In avr-gcc, if you want to interject some code before the normal CRT executes, you can use an .init0 section, for example:

__attribute__ ((naked, section(".init0")))
void Reset_Vector_Will_Jump_Here(void) {
    __asm__ volatile (
        // Insert assembly code here, NOT C. 
        // The device is not yet setup to run C code...
    );
    // When this routine exits, normal CRT will execute
}

 

David

  • 1
  • 2
  • 3
  • 4
  • 5
Total votes: 0

I assume you are writing in C here?

 

You seem to have reached a point where it is usefull to know a bit more about the workings of a C compiler.

To make **ANY** C program work not only your source code needs to be compiled (and linked if multiple files) but some extra magick has to be added into the mix.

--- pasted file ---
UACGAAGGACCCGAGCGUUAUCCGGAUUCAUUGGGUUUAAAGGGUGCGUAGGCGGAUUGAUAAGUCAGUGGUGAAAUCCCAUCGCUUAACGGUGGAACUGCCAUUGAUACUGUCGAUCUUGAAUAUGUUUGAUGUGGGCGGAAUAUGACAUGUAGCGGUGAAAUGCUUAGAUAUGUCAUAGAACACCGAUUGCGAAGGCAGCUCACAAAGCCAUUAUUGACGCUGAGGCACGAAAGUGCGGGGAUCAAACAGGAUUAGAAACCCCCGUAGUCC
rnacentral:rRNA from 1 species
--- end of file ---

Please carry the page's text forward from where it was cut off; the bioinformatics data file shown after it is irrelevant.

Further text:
That "extra magic" is (at least ?) 2 files.

1). a Linker script.

2). Startup code.

3). Libraries (For example for floating point if it is used and your AVR)

 

1). The linker script has info such as the amount of Flash and Ram for your particular uC. You get errors if you try to use too much Flash, and the amount (and adresses) of RAM are needed to calculate a valid initialsiation point for your stack pointer.

On my system I can find the linker script for my particular AVR in files such as:

/usr/lib/avr/lib/ldscripts/avr5.x

 

2). The startup code is a file usually written (partly) in assembly, but might also have C code.

This file holds code which is executed before the main() is called.

It copies static data from Flash to Ram and it loads the stack pointer with an address which is calculated from the information in the linker script (or similar)

I could not find source for the startup code on my 'nix box. I suspect those files are pre-assembled and in directories such as:

/usr/lib/avr/lib/avr5/

 

3). Some of those extra libraries are in:

/usr/lib/avr/lib/avrxmega2/libm.a

/usr/lib/avr/lib/avrxmega2/libprintf_min.a

 

==================